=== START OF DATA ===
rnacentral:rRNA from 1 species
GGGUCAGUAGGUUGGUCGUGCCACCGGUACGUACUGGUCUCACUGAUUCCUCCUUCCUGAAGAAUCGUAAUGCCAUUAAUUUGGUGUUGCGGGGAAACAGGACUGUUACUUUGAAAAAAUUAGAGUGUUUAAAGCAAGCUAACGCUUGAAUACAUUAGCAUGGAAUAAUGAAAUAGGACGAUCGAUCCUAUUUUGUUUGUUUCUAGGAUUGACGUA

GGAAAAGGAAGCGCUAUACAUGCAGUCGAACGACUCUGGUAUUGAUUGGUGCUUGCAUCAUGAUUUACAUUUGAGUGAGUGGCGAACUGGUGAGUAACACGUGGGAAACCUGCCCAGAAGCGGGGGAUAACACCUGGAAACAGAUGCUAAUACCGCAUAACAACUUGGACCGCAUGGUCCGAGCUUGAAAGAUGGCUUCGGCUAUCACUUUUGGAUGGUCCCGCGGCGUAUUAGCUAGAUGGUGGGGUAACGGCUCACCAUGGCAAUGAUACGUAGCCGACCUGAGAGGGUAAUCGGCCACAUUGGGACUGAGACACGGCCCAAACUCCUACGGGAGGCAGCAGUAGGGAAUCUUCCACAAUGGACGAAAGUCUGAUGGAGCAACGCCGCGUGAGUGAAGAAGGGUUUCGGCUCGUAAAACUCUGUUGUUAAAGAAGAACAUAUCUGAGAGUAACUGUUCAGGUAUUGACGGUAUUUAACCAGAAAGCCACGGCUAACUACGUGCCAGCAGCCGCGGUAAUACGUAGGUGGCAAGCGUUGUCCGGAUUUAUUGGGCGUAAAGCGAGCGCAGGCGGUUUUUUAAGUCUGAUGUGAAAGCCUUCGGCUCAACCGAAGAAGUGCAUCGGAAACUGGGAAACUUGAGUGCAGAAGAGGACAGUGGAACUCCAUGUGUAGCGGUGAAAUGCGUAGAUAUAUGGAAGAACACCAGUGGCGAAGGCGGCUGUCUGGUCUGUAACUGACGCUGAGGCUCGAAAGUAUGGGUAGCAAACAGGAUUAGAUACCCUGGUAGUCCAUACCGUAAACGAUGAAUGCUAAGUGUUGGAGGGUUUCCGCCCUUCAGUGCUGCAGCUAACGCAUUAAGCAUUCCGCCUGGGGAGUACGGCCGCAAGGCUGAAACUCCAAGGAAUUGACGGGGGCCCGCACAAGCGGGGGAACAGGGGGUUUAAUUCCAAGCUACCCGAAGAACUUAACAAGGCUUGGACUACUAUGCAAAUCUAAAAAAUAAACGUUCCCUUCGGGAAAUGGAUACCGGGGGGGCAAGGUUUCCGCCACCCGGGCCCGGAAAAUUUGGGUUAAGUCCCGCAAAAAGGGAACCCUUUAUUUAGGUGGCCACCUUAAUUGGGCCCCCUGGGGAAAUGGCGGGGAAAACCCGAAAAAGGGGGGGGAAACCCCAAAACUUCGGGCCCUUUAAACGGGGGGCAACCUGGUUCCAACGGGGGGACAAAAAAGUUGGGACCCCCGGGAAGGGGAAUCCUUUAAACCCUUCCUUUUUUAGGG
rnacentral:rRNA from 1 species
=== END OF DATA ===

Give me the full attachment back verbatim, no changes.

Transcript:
rnacentral:rRNA from 1 species
GGGUCAGUAGGUUGGUCGUGCCACCGGUACGUACUGGUCUCACUGAUUCCUCCUUCCUGAAGAAUCGUAAUGCCAUUAAUUUGGUGUUGCGGGGAAACAGGACUGUUACUUUGAAAAAAUUAGAGUGUUUAAAGCAAGCUAACGCUUGAAUACAUUAGCAUGGAAUAAUGAAAUAGGACGAUCGAUCCUAUUUUGUUUGUUUCUAGGAUUGACGUA

GGAAAAGGAAGCGCUAUACAUGCAGUCGAACGACUCUGGUAUUGAUUGGUGCUUGCAUCAUGAUUUACAUUUGAGUGAGUGGCGAACUGGUGAGUAACACGUGGGAAACCUGCCCAGAAGCGGGGGAUAACACCUGGAAACAGAUGCUAAUACCGCAUAACAACUUGGACCGCAUGGUCCGAGCUUGAAAGAUGGCUUCGGCUAUCACUUUUGGAUGGUCCCGCGGCGUAUUAGCUAGAUGGUGGGGUAACGGCUCACCAUGGCAAUGAUACGUAGCCGACCUGAGAGGGUAAUCGGCCACAUUGGGACUGAGACACGGCCCAAACUCCUACGGGAGGCAGCAGUAGGGAAUCUUCCACAAUGGACGAAAGUCUGAUGGAGCAACGCCGCGUGAGUGAAGAAGGGUUUCGGCUCGUAAAACUCUGUUGUUAAAGAAGAACAUAUCUGAGAGUAACUGUUCAGGUAUUGACGGUAUUUAACCAGAAAGCCACGGCUAACUACGUGCCAGCAGCCGCGGUAAUACGUAGGUGGCAAGCGUUGUCCGGAUUUAUUGGGCGUAAAGCGAGCGCAGGCGGUUUUUUAAGUCUGAUGUGAAAGCCUUCGGCUCAACCGAAGAAGUGCAUCGGAAACUGGGAAACUUGAGUGCAGAAGAGGACAGUGGAACUCCAUGUGUAGCGGUGAAAUGCGUAGAUAUAUGGAAGAACACCAGUGGCGAAGGCGGCUGUCUGGUCUGUAACUGACGCUGAGGCUCGAAAGUAUGGGUAGCAAACAGGAUUAGAUACCCUGGUAGUCCAUACCGUAAACGAUGAAUGCUAAGUGUUGGAGGGUUUCCGCCCUUCAGUGCUGCAGCUAACGCAUUAAGCAUUCCGCCUGGGGAGUACGGCCGCAAGGCUGAAACUCCAAGGAAUUGACGGGGGCCCGCACAAGCGGGGGAACAGGGGGUUUAAUUCCAAGCUACCCGAAGAACUUAACAAGGCUUGGACUACUAUGCAAAUCUAAAAAAUAAACGUUCCCUUCGGGAAAUGGAUACCGGGGGGGCAAGGUUUCCGCCACCCGGGCCCGGAAAAUUUGGGUUAAGUCCCGCAAAAAGGGAACCCUUUAUUUAGGUGGCCACCUUAAUUGGGCCCCCUGGGGAAAUGGCGGGGAAAACCCGAAAAAGGGGGGGGAAACCCCAAAACUUCGGGCCCUUUAAACGGGGGGCAACCUGGUUCCAACGGGGGGACAAAAAAGUUGGGACCCCCGGGAAGGGGAAUCCUUUAAACCCUUCCUUUUUUAGGG
rnacentral:rRNA from 1 species